Explaining the Capital Flow Puzzle

I think I have to disagree with Brad DeLong’s assessment of Glenn Hubbard’s WSJ op-ed from the other day. Brad suggests that Hubbard may indeed have identified an important piece of the puzzle – the puzzle being why poor Asian economies are lending so much money to the United States.

Hubbard’s point boils down to this: China and other developing Asian economies are investing large quantities of money in the US because they don’t have good investment opportunities at home. That’s not because the domestic rates of return are no good, but because bad domestic institutions make domestic investment opportunities risky. In other words, the risk-return ratio is better in the US.

But I don’t think this explains today’s pattern of international capital flows. I agree that corrupt and inefficient domestic institutions in many developing countries are major impediments to growth. And there are lots of examples where citizens have sent their savings overseas because they were worried about losing it if they kept it in domestic assets. (Think about many Latin American countries during the 1980s, or most of Africa during the last 50 years, for examples.)

But Asia today does not fit this story.

There are two reasons that I say this. First, the agents that are actually buying the assets in the US are not private individuals in Asian countries, but rather Asian central banks. And we’re reasonably certain that the reason they’re buying US assets is not because they’re seeking the highest or most risk-free return, but rather because they are trying to manage their exchange rate. There’s scant evidence that private individuals in Asian countries are fleeing to foreign assets because they don’t trust their domestic institutions.

Second, the surplus of funds in Asia stems not from an insufficiency of domestic business investment, but rather from an insufficiency of private consumption. Investment spending in countries like China is, if anything, too high – in China it’s currently running at over 40% of GDP, compared to less than 20% in the US. Apparently, individuals and firms see plenty of good investment opportunities in China and other developing Asian economies, and are willing to put money into them.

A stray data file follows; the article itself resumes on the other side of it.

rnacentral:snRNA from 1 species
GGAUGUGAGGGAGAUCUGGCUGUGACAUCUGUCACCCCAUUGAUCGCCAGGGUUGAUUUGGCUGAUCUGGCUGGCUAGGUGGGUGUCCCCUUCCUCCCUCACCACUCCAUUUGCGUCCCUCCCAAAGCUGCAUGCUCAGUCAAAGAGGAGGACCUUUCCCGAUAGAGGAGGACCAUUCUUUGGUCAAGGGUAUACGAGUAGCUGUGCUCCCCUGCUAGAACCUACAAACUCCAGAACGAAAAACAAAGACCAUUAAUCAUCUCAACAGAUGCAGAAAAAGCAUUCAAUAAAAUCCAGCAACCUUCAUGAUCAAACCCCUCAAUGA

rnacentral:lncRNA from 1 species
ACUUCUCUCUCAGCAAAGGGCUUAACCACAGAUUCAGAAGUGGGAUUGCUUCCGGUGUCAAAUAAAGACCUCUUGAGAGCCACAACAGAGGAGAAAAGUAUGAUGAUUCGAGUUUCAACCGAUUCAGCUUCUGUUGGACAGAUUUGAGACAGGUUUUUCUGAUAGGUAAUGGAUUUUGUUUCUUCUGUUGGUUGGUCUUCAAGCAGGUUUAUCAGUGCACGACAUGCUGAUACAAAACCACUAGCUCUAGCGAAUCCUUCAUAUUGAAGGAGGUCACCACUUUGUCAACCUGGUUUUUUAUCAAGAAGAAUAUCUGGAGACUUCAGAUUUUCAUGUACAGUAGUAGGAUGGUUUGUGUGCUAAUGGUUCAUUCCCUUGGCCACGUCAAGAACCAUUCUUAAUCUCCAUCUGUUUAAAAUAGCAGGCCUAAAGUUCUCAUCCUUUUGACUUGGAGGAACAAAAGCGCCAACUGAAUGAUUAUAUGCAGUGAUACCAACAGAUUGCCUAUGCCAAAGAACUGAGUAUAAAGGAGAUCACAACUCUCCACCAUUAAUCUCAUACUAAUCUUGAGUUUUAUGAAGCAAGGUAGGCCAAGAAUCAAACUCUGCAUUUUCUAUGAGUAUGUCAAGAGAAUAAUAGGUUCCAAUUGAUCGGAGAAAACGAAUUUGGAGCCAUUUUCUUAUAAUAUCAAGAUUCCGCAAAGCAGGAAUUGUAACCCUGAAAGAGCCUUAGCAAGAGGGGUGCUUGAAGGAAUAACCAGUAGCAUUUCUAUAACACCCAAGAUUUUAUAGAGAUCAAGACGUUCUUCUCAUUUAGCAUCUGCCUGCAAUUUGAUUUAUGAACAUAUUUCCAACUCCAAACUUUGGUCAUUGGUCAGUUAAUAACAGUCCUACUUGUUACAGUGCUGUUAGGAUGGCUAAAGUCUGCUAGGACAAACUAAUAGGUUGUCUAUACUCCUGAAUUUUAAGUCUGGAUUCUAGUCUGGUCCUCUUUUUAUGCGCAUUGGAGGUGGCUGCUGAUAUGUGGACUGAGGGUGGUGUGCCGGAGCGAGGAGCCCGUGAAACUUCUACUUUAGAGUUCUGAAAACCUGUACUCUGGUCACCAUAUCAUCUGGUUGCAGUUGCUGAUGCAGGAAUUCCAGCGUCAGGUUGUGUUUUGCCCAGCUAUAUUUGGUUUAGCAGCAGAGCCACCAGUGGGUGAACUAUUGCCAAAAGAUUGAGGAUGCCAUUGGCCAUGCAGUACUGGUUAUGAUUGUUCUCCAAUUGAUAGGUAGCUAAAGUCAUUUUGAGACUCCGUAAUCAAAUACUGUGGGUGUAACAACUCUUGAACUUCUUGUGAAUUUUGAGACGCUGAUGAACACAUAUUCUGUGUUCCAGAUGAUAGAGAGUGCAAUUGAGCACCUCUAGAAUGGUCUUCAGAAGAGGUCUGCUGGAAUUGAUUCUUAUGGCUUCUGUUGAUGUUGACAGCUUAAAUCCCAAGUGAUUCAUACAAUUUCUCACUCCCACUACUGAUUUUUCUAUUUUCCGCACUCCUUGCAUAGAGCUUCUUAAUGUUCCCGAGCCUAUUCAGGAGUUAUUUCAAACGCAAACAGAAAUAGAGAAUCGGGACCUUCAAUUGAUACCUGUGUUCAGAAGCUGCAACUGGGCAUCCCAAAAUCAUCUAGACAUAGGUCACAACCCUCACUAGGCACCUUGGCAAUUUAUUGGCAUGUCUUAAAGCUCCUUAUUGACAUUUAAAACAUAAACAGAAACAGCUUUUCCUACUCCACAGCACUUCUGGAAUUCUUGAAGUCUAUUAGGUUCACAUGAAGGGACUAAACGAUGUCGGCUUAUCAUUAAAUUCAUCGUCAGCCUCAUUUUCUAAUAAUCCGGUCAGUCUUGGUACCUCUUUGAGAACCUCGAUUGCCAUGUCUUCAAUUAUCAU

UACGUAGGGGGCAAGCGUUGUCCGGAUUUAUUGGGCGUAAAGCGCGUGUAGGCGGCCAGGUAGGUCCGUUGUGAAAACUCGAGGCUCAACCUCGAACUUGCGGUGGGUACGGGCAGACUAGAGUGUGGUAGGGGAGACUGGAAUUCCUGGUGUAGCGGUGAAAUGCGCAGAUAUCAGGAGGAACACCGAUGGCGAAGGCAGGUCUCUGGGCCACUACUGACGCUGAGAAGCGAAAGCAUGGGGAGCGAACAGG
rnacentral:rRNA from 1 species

The problem is that private savings rates are also extraordinarily high in those countries. Furthermore, while such high savings rates are found in countries with questionable institutions, like China, they are also found in countries with impeccable financial credentials, like Singapore. So I don’t believe that weak domestic institutions are what is causing households in a wide variety of Asian countries to decide to save their income rather than spend it.

No, I think that we must look elsewhere to explain the bizarre pattern of poor developing countries (along with many rich countries) lending vast sums of money to the US. Note that the two things that make this pattern possible right now are (1) the fact that the US is living far beyond its means, and borrowing the difference (both at the private and governmental levels); and (2) the fact that households in developing countries like China are saving rather than spending their income. So if you want to explain the pattern of international capital flows today, I think you need to explain facts #1 and #2. I don’t think Hubbard’s story explains either of them.